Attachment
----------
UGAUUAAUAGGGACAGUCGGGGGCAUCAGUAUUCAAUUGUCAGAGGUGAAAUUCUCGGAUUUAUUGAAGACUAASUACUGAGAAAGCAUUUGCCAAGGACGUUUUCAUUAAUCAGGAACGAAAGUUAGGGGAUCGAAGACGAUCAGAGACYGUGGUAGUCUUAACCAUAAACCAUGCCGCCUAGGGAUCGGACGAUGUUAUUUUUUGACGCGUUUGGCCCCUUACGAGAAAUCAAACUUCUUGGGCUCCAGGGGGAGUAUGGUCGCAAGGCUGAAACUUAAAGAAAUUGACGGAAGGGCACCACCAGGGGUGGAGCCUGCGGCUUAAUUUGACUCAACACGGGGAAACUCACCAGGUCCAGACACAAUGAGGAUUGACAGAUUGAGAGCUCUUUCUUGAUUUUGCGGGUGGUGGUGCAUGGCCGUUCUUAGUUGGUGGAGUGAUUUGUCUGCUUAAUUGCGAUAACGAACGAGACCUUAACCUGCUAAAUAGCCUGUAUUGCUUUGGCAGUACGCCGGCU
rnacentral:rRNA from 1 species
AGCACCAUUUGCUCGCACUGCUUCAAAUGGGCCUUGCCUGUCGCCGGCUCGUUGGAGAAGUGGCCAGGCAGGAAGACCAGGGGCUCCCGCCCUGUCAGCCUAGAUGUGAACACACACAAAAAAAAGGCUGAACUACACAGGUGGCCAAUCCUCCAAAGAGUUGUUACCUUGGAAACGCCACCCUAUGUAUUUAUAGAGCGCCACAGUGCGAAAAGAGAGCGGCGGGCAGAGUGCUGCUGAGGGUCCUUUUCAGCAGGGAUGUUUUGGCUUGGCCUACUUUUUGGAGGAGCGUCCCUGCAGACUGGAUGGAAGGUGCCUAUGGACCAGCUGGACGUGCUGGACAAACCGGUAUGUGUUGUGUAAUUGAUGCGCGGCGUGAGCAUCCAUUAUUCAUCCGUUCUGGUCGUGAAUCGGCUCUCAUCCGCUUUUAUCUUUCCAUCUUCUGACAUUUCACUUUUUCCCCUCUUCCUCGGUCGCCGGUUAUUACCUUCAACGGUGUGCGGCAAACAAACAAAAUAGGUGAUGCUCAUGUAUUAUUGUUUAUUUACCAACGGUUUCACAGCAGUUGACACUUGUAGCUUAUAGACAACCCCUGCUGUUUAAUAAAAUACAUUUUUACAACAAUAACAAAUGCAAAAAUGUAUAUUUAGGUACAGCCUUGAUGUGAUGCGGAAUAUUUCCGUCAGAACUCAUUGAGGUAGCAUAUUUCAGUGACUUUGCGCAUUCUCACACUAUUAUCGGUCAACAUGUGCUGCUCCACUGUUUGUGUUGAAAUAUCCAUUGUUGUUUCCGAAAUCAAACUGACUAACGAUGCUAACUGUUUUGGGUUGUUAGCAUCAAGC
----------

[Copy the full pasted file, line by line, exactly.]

UGAUUAAUAGGGACAGUCGGGGGCAUCAGUAUUCAAUUGUCAGAGGUGAAAUUCUCGGAUUUAUUGAAGACUAASUACUGAGAAAGCAUUUGCCAAGGACGUUUUCAUUAAUCAGGAACGAAAGUUAGGGGAUCGAAGACGAUCAGAGACYGUGGUAGUCUUAACCAUAAACCAUGCCGCCUAGGGAUCGGACGAUGUUAUUUUUUGACGCGUUUGGCCCCUUACGAGAAAUCAAACUUCUUGGGCUCCAGGGGGAGUAUGGUCGCAAGGCUGAAACUUAAAGAAAUUGACGGAAGGGCACCACCAGGGGUGGAGCCUGCGGCUUAAUUUGACUCAACACGGGGAAACUCACCAGGUCCAGACACAAUGAGGAUUGACAGAUUGAGAGCUCUUUCUUGAUUUUGCGGGUGGUGGUGCAUGGCCGUUCUUAGUUGGUGGAGUGAUUUGUCUGCUUAAUUGCGAUAACGAACGAGACCUUAACCUGCUAAAUAGCCUGUAUUGCUUUGGCAGUACGCCGGCU
rnacentral:rRNA from 1 species
AGCACCAUUUGCUCGCACUGCUUCAAAUGGGCCUUGCCUGUCGCCGGCUCGUUGGAGAAGUGGCCAGGCAGGAAGACCAGGGGCUCCCGCCCUGUCAGCCUAGAUGUGAACACACACAAAAAAAAGGCUGAACUACACAGGUGGCCAAUCCUCCAAAGAGUUGUUACCUUGGAAACGCCACCCUAUGUAUUUAUAGAGCGCCACAGUGCGAAAAGAGAGCGGCGGGCAGAGUGCUGCUGAGGGUCCUUUUCAGCAGGGAUGUUUUGGCUUGGCCUACUUUUUGGAGGAGCGUCCCUGCAGACUGGAUGGAAGGUGCCUAUGGACCAGCUGGACGUGCUGGACAAACCGGUAUGUGUUGUGUAAUUGAUGCGCGGCGUGAGCAUCCAUUAUUCAUCCGUUCUGGUCGUGAAUCGGCUCUCAUCCGCUUUUAUCUUUCCAUCUUCUGACAUUUCACUUUUUCCCCUCUUCCUCGGUCGCCGGUUAUUACCUUCAACGGUGUGCGGCAAACAAACAAAAUAGGUGAUGCUCAUGUAUUAUUGUUUAUUUACCAACGGUUUCACAGCAGUUGACACUUGUAGCUUAUAGACAACCCCUGCUGUUUAAUAAAAUACAUUUUUACAACAAUAACAAAUGCAAAAAUGUAUAUUUAGGUACAGCCUUGAUGUGAUGCGGAAUAUUUCCGUCAGAACUCAUUGAGGUAGCAUAUUUCAGUGACUUUGCGCAUUCUCACACUAUUAUCGGUCAACAUGUGCUGCUCCACUGUUUGUGUUGAAAUAUCCAUUGUUGUUUCCGAAAUCAAACUGACUAACGAUGCUAACUGUUUUGGGUUGUUAGCAUCAAGC